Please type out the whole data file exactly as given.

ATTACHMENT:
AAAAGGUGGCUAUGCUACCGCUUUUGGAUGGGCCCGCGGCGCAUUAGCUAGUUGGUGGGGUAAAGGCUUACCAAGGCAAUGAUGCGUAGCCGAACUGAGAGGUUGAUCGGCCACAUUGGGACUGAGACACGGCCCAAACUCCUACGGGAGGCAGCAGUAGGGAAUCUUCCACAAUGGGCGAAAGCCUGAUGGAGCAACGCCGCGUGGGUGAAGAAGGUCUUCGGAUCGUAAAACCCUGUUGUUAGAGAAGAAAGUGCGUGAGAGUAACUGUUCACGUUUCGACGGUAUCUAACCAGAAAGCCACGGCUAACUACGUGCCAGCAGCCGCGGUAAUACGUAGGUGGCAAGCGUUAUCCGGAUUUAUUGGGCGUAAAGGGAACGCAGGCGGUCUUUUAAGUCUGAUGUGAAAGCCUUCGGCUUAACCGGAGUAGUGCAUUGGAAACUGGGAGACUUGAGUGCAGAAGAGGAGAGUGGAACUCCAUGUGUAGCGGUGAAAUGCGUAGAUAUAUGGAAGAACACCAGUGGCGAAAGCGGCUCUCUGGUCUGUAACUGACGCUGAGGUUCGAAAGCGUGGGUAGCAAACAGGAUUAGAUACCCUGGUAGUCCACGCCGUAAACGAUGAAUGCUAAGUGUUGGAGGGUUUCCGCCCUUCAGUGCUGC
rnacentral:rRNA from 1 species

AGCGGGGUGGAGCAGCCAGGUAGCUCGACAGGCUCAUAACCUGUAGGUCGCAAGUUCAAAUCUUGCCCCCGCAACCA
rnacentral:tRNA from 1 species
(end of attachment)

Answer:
AAAAGGUGGCUAUGCUACCGCUUUUGGAUGGGCCCGCGGCGCAUUAGCUAGUUGGUGGGGUAAAGGCUUACCAAGGCAAUGAUGCGUAGCCGAACUGAGAGGUUGAUCGGCCACAUUGGGACUGAGACACGGCCCAAACUCCUACGGGAGGCAGCAGUAGGGAAUCUUCCACAAUGGGCGAAAGCCUGAUGGAGCAACGCCGCGUGGGUGAAGAAGGUCUUCGGAUCGUAAAACCCUGUUGUUAGAGAAGAAAGUGCGUGAGAGUAACUGUUCACGUUUCGACGGUAUCUAACCAGAAAGCCACGGCUAACUACGUGCCAGCAGCCGCGGUAAUACGUAGGUGGCAAGCGUUAUCCGGAUUUAUUGGGCGUAAAGGGAACGCAGGCGGUCUUUUAAGUCUGAUGUGAAAGCCUUCGGCUUAACCGGAGUAGUGCAUUGGAAACUGGGAGACUUGAGUGCAGAAGAGGAGAGUGGAACUCCAUGUGUAGCGGUGAAAUGCGUAGAUAUAUGGAAGAACACCAGUGGCGAAAGCGGCUCUCUGGUCUGUAACUGACGCUGAGGUUCGAAAGCGUGGGUAGCAAACAGGAUUAGAUACCCUGGUAGUCCACGCCGUAAACGAUGAAUGCUAAGUGUUGGAGGGUUUCCGCCCUUCAGUGCUGC
rnacentral:rRNA from 1 species

AGCGGGGUGGAGCAGCCAGGUAGCUCGACAGGCUCAUAACCUGUAGGUCGCAAGUUCAAAUCUUGCCCCCGCAACCA
rnacentral:tRNA from 1 species